The Colorado Oil and Gas Conservation Commission wildlife series (1200 series) rulemaking hearing opened on November 10 with oral public comment. The comments ran 2:1 in favor of the revised draft rules/strengthening the draft rules v. worries that the draft rules would harm the oil and gas industry. CWF is a party to the rulemaking, represented by Bob Randall, former Executive Director of Department of Natural Resources.
On November 23 the Commission will conclude their deliberations and vote. CWF will post highlights of the new rules then. The Colorado Oil and Gas Conservation Commission voted unanimously on October 13 to delay the wildlife series rulemaking hearings that were scheduled to begin on the 13th. The hearing now are scheduled to begin on November 10, resume on the 12th-14th and extend in to the following week. The reason for the delay was that COGCC issued revisions to the draft wildlife rules on Friday, October 9, which was insufficient to meet the requirement of the Administrative Procedures Act that mandates issuance at least 5 days in advance of the hearing.advance
COGCC tentatively approved revisions to Rules series 200-600 on September 28, 2020. Written public comment on the wildlife series was reopened until October 8 November 4 at 5pm.
SB 181 which mandated the rulemaking “ensures that oil and gas development and operations in Colorado are regulated in a manner that protects public health, safety, welfare, the environment and wildlife resources.”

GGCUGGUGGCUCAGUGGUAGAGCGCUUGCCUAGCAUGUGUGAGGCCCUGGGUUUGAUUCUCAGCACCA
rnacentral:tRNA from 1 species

CWF’s positions on wildlife 1200 series:
CWF agrees with the COGCC draft rules (and now the revised draft rules) in large part. As to protections for High Priority Habitats of bighorn sheep, mule deer, elk and pronghorn, however, we believe the draft protections need to strengthened based upon the current science that has evolved. We urge:
— surface disturbance from oil and gas development in bighorn sheep migration corridors, production areas, severe winter range and winter concentration areas not exceed 3 % of a section (square mile). The revised draft changed from the draft rule for bighorn sheep production areas. It now provides no ground disturbance in sheep production areas. Very good!
— surface disturbance from oil and gas development in mule deer and elk migration corridors, production areas, severe winter range and winter concentration areas not exceed 3% of a section (square mile).
–surface disturbance from oil and gas development in pronghorn migration areas, severe winter range and winter concentration areas not exceed 3% of a section (square mile).
As to aquatic areas:
–Wetlands and streams should be designated as High Priority Habitats and buffered by 500 feet. The revised draft issued on October 9 has changed from the draft. The draft provided a 300 feet buffer and the revised draft specifies a 500 feet buffer. Great news!
–Gold Medal waters designated by Colorado Parks and Wildlife and native cutthroat trout streams should be protected by a buffer of 1,320 feet (1/4 mile). The revised draft provides a 500 feet buffer.